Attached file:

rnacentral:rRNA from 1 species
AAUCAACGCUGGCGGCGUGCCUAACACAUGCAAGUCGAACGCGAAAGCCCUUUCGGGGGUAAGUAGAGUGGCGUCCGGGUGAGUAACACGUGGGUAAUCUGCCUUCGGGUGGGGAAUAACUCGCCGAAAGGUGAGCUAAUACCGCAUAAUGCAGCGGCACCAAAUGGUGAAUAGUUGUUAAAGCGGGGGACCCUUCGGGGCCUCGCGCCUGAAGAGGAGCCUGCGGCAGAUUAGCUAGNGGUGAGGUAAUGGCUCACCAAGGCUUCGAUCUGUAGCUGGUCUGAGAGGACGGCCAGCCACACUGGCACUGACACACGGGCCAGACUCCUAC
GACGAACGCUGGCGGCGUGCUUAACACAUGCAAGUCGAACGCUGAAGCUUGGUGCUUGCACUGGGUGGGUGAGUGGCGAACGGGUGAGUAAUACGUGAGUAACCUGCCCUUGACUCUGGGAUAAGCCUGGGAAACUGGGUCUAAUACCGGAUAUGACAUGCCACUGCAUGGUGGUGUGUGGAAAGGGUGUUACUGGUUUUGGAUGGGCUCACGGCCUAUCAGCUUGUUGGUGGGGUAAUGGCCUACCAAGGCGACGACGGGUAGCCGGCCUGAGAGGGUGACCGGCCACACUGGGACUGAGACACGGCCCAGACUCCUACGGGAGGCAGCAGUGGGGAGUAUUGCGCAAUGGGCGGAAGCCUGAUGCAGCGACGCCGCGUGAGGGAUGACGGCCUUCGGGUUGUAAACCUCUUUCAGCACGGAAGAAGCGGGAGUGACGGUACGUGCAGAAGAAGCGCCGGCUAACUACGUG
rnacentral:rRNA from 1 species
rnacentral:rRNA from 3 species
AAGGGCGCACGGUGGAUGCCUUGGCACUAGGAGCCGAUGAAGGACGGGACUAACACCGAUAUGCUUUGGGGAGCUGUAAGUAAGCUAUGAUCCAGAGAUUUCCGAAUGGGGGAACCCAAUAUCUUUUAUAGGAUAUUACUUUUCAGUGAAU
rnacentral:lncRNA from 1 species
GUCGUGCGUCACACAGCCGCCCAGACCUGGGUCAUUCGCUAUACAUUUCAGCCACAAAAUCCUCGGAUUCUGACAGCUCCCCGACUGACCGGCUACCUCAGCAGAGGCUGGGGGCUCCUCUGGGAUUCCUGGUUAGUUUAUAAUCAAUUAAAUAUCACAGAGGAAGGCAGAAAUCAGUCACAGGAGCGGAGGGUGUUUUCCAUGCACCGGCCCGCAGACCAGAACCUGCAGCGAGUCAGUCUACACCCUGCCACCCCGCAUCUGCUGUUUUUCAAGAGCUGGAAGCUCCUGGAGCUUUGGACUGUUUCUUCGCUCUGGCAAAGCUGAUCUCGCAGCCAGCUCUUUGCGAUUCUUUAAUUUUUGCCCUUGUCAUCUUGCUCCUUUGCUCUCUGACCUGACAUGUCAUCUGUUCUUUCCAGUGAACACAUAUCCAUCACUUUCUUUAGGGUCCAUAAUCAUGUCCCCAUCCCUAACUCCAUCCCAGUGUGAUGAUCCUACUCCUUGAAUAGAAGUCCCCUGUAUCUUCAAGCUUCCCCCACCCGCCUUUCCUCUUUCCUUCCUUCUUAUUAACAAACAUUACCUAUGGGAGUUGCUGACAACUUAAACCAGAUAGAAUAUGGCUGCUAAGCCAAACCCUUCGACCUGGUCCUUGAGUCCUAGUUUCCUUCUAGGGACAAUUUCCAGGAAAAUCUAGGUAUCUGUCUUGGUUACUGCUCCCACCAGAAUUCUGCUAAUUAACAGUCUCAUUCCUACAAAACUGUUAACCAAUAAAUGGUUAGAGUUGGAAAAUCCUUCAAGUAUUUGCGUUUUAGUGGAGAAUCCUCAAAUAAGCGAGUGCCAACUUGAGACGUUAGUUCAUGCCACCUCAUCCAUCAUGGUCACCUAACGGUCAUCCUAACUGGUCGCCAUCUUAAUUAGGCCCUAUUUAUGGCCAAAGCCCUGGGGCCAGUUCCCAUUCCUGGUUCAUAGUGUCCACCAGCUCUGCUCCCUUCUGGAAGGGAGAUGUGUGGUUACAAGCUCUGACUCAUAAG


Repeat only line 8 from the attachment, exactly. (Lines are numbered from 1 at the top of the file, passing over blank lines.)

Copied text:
GUCGUGCGUCACACAGCCGCCCAGACCUGGGUCAUUCGCUAUACAUUUCAGCCACAAAAUCCUCGGAUUCUGACAGCUCCCCGACUGACCGGCUACCUCAGCAGAGGCUGGGGGCUCCUCUGGGAUUCCUGGUUAGUUUAUAAUCAAUUAAAUAUCACAGAGGAAGGCAGAAAUCAGUCACAGGAGCGGAGGGUGUUUUCCAUGCACCGGCCCGCAGACCAGAACCUGCAGCGAGUCAGUCUACACCCUGCCACCCCGCAUCUGCUGUUUUUCAAGAGCUGGAAGCUCCUGGAGCUUUGGACUGUUUCUUCGCUCUGGCAAAGCUGAUCUCGCAGCCAGCUCUUUGCGAUUCUUUAAUUUUUGCCCUUGUCAUCUUGCUCCUUUGCUCUCUGACCUGACAUGUCAUCUGUUCUUUCCAGUGAACACAUAUCCAUCACUUUCUUUAGGGUCCAUAAUCAUGUCCCCAUCCCUAACUCCAUCCCAGUGUGAUGAUCCUACUCCUUGAAUAGAAGUCCCCUGUAUCUUCAAGCUUCCCCCACCCGCCUUUCCUCUUUCCUUCCUUCUUAUUAACAAACAUUACCUAUGGGAGUUGCUGACAACUUAAACCAGAUAGAAUAUGGCUGCUAAGCCAAACCCUUCGACCUGGUCCUUGAGUCCUAGUUUCCUUCUAGGGACAAUUUCCAGGAAAAUCUAGGUAUCUGUCUUGGUUACUGCUCCCACCAGAAUUCUGCUAAUUAACAGUCUCAUUCCUACAAAACUGUUAACCAAUAAAUGGUUAGAGUUGGAAAAUCCUUCAAGUAUUUGCGUUUUAGUGGAGAAUCCUCAAAUAAGCGAGUGCCAACUUGAGACGUUAGUUCAUGCCACCUCAUCCAUCAUGGUCACCUAACGGUCAUCCUAACUGGUCGCCAUCUUAAUUAGGCCCUAUUUAUGGCCAAAGCCCUGGGGCCAGUUCCCAUUCCUGGUUCAUAGUGUCCACCAGCUCUGCUCCCUUCUGGAAGGGAGAUGUGUGGUUACAAGCUCUGACUCAUAAG